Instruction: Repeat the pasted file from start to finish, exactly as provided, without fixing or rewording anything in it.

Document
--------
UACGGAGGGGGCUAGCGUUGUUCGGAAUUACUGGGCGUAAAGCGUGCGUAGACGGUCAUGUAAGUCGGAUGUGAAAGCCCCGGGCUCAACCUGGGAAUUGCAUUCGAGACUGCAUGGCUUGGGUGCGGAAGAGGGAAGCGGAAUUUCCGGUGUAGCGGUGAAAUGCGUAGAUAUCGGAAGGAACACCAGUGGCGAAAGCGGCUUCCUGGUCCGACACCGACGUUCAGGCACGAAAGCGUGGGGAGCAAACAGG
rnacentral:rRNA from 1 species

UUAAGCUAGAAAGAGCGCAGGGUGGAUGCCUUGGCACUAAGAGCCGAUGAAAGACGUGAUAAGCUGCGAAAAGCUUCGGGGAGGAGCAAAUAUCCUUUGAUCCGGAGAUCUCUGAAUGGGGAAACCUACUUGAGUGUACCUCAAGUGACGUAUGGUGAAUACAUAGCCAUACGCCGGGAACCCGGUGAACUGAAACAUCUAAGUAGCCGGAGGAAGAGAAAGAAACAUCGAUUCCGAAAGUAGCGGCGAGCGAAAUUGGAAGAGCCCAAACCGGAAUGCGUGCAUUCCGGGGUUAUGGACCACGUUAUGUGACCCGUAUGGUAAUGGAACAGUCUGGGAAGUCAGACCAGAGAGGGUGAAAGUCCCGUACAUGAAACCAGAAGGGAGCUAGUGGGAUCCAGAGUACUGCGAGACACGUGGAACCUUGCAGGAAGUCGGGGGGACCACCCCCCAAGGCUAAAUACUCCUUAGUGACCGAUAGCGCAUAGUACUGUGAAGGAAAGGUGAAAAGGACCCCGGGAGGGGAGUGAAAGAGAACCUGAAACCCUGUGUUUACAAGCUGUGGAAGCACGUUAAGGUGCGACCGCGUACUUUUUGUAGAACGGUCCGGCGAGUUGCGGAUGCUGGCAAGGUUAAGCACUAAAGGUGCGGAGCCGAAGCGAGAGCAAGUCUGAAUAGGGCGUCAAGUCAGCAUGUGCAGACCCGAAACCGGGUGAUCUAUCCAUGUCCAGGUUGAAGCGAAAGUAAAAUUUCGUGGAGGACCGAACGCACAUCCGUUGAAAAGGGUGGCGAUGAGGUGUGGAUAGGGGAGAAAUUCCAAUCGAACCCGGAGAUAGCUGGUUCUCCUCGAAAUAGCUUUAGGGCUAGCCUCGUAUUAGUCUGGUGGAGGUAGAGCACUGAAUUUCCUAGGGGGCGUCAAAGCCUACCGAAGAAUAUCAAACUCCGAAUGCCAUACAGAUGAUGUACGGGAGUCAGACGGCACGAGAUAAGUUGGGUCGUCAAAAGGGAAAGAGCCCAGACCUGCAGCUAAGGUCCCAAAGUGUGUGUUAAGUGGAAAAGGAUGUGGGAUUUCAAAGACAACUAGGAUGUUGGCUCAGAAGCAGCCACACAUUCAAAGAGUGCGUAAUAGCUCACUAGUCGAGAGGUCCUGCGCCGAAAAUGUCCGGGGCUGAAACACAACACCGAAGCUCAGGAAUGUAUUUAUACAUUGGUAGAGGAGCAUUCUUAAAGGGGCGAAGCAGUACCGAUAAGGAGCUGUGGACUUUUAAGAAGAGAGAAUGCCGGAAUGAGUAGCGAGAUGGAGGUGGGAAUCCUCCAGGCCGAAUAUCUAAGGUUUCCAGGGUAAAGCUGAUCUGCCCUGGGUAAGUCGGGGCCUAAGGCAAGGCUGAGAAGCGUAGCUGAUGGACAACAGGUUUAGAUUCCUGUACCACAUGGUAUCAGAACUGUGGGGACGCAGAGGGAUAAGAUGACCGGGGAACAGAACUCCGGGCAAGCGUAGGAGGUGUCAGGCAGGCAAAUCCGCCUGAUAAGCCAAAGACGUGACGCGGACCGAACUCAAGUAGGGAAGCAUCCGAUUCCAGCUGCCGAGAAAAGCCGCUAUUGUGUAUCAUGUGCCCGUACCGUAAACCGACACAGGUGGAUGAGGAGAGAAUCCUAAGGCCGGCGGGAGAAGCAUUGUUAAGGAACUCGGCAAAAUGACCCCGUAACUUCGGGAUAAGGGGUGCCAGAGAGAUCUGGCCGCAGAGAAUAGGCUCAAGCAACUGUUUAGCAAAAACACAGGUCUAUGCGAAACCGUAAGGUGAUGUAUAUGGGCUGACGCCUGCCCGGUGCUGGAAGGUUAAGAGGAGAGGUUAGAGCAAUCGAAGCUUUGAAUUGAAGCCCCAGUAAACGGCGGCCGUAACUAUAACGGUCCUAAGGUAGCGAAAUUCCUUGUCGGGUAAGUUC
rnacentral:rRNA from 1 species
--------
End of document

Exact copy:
UACGGAGGGGGCUAGCGUUGUUCGGAAUUACUGGGCGUAAAGCGUGCGUAGACGGUCAUGUAAGUCGGAUGUGAAAGCCCCGGGCUCAACCUGGGAAUUGCAUUCGAGACUGCAUGGCUUGGGUGCGGAAGAGGGAAGCGGAAUUUCCGGUGUAGCGGUGAAAUGCGUAGAUAUCGGAAGGAACACCAGUGGCGAAAGCGGCUUCCUGGUCCGACACCGACGUUCAGGCACGAAAGCGUGGGGAGCAAACAGG
rnacentral:rRNA from 1 species

UUAAGCUAGAAAGAGCGCAGGGUGGAUGCCUUGGCACUAAGAGCCGAUGAAAGACGUGAUAAGCUGCGAAAAGCUUCGGGGAGGAGCAAAUAUCCUUUGAUCCGGAGAUCUCUGAAUGGGGAAACCUACUUGAGUGUACCUCAAGUGACGUAUGGUGAAUACAUAGCCAUACGCCGGGAACCCGGUGAACUGAAACAUCUAAGUAGCCGGAGGAAGAGAAAGAAACAUCGAUUCCGAAAGUAGCGGCGAGCGAAAUUGGAAGAGCCCAAACCGGAAUGCGUGCAUUCCGGGGUUAUGGACCACGUUAUGUGACCCGUAUGGUAAUGGAACAGUCUGGGAAGUCAGACCAGAGAGGGUGAAAGUCCCGUACAUGAAACCAGAAGGGAGCUAGUGGGAUCCAGAGUACUGCGAGACACGUGGAACCUUGCAGGAAGUCGGGGGGACCACCCCCCAAGGCUAAAUACUCCUUAGUGACCGAUAGCGCAUAGUACUGUGAAGGAAAGGUGAAAAGGACCCCGGGAGGGGAGUGAAAGAGAACCUGAAACCCUGUGUUUACAAGCUGUGGAAGCACGUUAAGGUGCGACCGCGUACUUUUUGUAGAACGGUCCGGCGAGUUGCGGAUGCUGGCAAGGUUAAGCACUAAAGGUGCGGAGCCGAAGCGAGAGCAAGUCUGAAUAGGGCGUCAAGUCAGCAUGUGCAGACCCGAAACCGGGUGAUCUAUCCAUGUCCAGGUUGAAGCGAAAGUAAAAUUUCGUGGAGGACCGAACGCACAUCCGUUGAAAAGGGUGGCGAUGAGGUGUGGAUAGGGGAGAAAUUCCAAUCGAACCCGGAGAUAGCUGGUUCUCCUCGAAAUAGCUUUAGGGCUAGCCUCGUAUUAGUCUGGUGGAGGUAGAGCACUGAAUUUCCUAGGGGGCGUCAAAGCCUACCGAAGAAUAUCAAACUCCGAAUGCCAUACAGAUGAUGUACGGGAGUCAGACGGCACGAGAUAAGUUGGGUCGUCAAAAGGGAAAGAGCCCAGACCUGCAGCUAAGGUCCCAAAGUGUGUGUUAAGUGGAAAAGGAUGUGGGAUUUCAAAGACAACUAGGAUGUUGGCUCAGAAGCAGCCACACAUUCAAAGAGUGCGUAAUAGCUCACUAGUCGAGAGGUCCUGCGCCGAAAAUGUCCGGGGCUGAAACACAACACCGAAGCUCAGGAAUGUAUUUAUACAUUGGUAGAGGAGCAUUCUUAAAGGGGCGAAGCAGUACCGAUAAGGAGCUGUGGACUUUUAAGAAGAGAGAAUGCCGGAAUGAGUAGCGAGAUGGAGGUGGGAAUCCUCCAGGCCGAAUAUCUAAGGUUUCCAGGGUAAAGCUGAUCUGCCCUGGGUAAGUCGGGGCCUAAGGCAAGGCUGAGAAGCGUAGCUGAUGGACAACAGGUUUAGAUUCCUGUACCACAUGGUAUCAGAACUGUGGGGACGCAGAGGGAUAAGAUGACCGGGGAACAGAACUCCGGGCAAGCGUAGGAGGUGUCAGGCAGGCAAAUCCGCCUGAUAAGCCAAAGACGUGACGCGGACCGAACUCAAGUAGGGAAGCAUCCGAUUCCAGCUGCCGAGAAAAGCCGCUAUUGUGUAUCAUGUGCCCGUACCGUAAACCGACACAGGUGGAUGAGGAGAGAAUCCUAAGGCCGGCGGGAGAAGCAUUGUUAAGGAACUCGGCAAAAUGACCCCGUAACUUCGGGAUAAGGGGUGCCAGAGAGAUCUGGCCGCAGAGAAUAGGCUCAAGCAACUGUUUAGCAAAAACACAGGUCUAUGCGAAACCGUAAGGUGAUGUAUAUGGGCUGACGCCUGCCCGGUGCUGGAAGGUUAAGAGGAGAGGUUAGAGCAAUCGAAGCUUUGAAUUGAAGCCCCAGUAAACGGCGGCCGUAACUAUAACGGUCCUAAGGUAGCGAAAUUCCUUGUCGGGUAAGUUC
rnacentral:rRNA from 1 species